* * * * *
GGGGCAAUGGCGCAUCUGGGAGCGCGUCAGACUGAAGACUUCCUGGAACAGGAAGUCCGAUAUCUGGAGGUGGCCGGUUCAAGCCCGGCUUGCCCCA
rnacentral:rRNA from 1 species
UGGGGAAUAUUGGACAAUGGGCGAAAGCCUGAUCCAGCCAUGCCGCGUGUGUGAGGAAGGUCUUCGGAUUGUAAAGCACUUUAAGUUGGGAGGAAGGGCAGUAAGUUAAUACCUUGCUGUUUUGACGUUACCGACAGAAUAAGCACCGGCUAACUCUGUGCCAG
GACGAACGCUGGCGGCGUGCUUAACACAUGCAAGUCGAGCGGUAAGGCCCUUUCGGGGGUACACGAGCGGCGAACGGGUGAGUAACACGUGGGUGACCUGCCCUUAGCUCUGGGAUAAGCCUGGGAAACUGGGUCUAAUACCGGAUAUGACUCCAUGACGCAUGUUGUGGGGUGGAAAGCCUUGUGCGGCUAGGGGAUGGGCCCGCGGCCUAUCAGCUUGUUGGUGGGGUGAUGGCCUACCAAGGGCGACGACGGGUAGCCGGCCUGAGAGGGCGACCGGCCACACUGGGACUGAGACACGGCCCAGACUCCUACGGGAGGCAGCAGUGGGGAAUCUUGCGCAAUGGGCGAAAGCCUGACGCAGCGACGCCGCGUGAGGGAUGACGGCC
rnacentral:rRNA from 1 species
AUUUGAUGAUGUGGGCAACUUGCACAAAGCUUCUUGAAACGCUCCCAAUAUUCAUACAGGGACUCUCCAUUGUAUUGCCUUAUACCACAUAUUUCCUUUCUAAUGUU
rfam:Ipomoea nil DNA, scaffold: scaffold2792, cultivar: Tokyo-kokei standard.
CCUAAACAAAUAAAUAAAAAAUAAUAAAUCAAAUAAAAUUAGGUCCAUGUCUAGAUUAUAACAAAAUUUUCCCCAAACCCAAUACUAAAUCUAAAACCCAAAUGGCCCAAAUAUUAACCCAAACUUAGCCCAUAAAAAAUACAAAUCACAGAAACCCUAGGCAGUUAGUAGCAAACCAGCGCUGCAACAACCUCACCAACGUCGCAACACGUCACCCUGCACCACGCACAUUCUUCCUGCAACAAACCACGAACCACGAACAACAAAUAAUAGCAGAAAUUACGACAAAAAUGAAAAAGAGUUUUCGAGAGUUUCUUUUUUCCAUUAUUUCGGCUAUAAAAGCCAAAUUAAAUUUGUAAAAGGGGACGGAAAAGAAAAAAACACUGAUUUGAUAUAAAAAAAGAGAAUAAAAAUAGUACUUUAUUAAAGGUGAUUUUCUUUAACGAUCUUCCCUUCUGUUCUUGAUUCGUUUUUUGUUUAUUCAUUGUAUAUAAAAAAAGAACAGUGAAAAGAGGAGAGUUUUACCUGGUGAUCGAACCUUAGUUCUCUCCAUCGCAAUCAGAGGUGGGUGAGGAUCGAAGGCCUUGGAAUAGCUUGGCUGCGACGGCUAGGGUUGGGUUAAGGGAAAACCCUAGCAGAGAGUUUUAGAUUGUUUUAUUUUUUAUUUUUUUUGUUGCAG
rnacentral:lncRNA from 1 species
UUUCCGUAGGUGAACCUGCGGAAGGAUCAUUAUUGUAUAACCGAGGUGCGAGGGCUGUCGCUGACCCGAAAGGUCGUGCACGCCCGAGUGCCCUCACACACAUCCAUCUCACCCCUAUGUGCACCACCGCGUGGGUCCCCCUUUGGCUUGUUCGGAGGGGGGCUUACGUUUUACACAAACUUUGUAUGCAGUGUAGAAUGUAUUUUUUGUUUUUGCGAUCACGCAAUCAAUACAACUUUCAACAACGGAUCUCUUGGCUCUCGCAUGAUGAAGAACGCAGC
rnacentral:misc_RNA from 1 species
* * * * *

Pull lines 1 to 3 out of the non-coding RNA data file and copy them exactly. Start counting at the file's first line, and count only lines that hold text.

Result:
GGGGCAAUGGCGCAUCUGGGAGCGCGUCAGACUGAAGACUUCCUGGAACAGGAAGUCCGAUAUCUGGAGGUGGCCGGUUCAAGCCCGGCUUGCCCCA
rnacentral:rRNA from 1 species
UGGGGAAUAUUGGACAAUGGGCGAAAGCCUGAUCCAGCCAUGCCGCGUGUGUGAGGAAGGUCUUCGGAUUGUAAAGCACUUUAAGUUGGGAGGAAGGGCAGUAAGUUAAUACCUUGCUGUUUUGACGUUACCGACAGAAUAAGCACCGGCUAACUCUGUGCCAG